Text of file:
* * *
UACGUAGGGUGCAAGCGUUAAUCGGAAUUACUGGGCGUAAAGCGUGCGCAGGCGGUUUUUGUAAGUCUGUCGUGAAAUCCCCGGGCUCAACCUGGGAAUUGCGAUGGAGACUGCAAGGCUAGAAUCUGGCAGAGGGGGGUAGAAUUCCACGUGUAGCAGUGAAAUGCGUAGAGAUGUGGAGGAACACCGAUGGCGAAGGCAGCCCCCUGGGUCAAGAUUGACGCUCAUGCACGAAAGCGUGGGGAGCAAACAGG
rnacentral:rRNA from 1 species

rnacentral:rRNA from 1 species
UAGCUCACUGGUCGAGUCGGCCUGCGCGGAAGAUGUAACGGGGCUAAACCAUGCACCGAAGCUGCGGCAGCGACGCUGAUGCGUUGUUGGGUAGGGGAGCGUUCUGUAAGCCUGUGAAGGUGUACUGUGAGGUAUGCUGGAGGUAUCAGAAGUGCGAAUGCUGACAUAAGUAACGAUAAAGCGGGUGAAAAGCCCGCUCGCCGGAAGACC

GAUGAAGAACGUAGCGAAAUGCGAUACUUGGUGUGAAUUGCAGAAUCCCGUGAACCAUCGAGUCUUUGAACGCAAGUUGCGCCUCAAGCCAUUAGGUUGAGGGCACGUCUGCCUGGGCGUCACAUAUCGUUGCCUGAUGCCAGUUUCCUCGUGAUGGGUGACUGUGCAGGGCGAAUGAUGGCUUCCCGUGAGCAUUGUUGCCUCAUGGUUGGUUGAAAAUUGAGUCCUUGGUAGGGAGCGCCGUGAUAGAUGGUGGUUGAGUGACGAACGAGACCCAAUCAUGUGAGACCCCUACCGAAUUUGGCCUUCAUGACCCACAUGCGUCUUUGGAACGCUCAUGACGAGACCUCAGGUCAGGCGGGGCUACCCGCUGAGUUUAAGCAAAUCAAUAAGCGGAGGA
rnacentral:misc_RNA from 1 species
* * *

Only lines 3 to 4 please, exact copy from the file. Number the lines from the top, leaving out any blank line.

rnacentral:rRNA from 1 species
UAGCUCACUGGUCGAGUCGGCCUGCGCGGAAGAUGUAACGGGGCUAAACCAUGCACCGAAGCUGCGGCAGCGACGCUGAUGCGUUGUUGGGUAGGGGAGCGUUCUGUAAGCCUGUGAAGGUGUACUGUGAGGUAUGCUGGAGGUAUCAGAAGUGCGAAUGCUGACAUAAGUAACGAUAAAGCGGGUGAAAAGCCCGCUCGCCGGAAGACC